Melanoma is a deadly skin cancer that can occurs when the cells that give color to your skin (melanocytes) become cancerous. Now researchers looking for how to prevent melanoma have a discovered a new way to increase early and accurate detection. They’re turning to women.
Men over the age of 50 are among those most at-risk for developing melanoma, which can show up as dark spots and lesions on the skin. However, they’re not as likely as women to spot the warning signs of melanoma.
According to a survey by the American Academy of Dermatology, women are nine times as likely to notice melanoma on another person. The researchers, who contacted 1,250 married women between the ages of 40 and 64, say that less than half of the respondents check their partners, however.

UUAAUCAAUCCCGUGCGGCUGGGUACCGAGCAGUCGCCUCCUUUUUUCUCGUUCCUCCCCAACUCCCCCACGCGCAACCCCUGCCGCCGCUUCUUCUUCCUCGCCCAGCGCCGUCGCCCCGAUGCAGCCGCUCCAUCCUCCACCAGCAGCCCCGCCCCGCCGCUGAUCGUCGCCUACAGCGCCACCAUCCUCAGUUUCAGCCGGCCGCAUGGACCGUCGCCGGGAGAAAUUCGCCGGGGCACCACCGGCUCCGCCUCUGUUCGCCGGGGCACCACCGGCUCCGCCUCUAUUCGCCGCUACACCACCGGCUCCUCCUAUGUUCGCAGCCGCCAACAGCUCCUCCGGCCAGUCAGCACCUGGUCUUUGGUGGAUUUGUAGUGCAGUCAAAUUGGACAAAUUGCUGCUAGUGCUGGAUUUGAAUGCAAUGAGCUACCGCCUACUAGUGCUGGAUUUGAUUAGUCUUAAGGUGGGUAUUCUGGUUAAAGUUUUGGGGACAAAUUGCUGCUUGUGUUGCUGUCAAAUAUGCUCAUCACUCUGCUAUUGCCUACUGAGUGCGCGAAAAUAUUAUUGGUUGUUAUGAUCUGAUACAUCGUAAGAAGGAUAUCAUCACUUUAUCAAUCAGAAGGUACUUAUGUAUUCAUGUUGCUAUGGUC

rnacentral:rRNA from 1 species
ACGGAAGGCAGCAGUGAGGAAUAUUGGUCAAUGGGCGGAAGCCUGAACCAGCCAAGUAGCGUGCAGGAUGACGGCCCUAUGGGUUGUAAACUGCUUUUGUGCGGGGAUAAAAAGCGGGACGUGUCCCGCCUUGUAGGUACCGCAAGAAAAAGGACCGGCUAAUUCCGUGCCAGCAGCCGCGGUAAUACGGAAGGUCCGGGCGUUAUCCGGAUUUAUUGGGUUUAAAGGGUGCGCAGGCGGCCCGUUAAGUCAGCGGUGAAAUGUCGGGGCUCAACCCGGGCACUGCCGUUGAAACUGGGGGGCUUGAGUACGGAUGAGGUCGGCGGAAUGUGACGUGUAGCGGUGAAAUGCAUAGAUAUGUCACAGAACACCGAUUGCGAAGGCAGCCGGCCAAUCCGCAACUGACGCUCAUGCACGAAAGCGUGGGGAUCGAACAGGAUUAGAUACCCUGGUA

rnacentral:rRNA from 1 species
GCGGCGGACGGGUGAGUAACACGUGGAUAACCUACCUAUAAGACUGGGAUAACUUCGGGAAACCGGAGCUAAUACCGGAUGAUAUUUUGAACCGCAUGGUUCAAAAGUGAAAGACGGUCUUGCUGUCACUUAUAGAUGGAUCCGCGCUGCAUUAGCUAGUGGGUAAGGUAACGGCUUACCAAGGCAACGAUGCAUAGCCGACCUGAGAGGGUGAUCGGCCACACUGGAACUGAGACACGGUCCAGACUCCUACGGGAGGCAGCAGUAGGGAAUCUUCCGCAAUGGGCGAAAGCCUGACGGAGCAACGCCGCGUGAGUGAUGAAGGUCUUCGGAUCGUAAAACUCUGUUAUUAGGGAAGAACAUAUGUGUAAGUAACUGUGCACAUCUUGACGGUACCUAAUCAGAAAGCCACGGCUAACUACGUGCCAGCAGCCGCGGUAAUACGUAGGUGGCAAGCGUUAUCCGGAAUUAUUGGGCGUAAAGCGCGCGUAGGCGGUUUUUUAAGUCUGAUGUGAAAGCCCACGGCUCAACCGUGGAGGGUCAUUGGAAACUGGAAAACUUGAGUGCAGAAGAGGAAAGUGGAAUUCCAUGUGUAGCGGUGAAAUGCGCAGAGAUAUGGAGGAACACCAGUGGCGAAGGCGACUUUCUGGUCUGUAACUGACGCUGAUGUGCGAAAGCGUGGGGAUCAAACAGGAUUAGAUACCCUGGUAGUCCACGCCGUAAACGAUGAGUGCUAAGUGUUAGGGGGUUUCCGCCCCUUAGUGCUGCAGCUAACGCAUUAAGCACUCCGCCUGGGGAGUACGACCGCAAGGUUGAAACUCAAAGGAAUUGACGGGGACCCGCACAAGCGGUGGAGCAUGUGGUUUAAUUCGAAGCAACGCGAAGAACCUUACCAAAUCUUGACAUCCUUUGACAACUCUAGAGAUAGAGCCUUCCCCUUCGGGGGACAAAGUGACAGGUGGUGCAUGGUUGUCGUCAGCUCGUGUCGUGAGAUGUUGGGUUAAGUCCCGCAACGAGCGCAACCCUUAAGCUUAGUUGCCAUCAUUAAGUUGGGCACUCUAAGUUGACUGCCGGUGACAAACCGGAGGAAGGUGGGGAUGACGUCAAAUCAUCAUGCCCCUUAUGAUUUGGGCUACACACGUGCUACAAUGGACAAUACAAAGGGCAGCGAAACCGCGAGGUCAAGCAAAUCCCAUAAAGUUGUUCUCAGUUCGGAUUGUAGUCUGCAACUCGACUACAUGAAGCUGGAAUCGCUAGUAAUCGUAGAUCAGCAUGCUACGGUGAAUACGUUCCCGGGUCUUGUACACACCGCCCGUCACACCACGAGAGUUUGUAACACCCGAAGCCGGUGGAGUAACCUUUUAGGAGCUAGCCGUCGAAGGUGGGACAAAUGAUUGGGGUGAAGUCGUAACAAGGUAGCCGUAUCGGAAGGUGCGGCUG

Why Women Should Check
Research showed that aside from women’s propensity to spot signs of melanoma, men conducting an examination were also more likely to spot it when assisted by a woman. Women conducting an examination did not show a similar bump in effectiveness when assisted by men.
This suggests that older men can receive the most benefit from melanoma detection when they’re examined by a woman. For older men, their female partner can help. Considering their increased risk, older men, in general, should still have a regular exam.
Doctor Henry Lim, president of the American Academy of Dermatologists, said that it is important for older men to conduct regular skin self-exams to detect the disease in its earliest stages, when it’s most treatable. He said the getting help from a female partner can be more effective.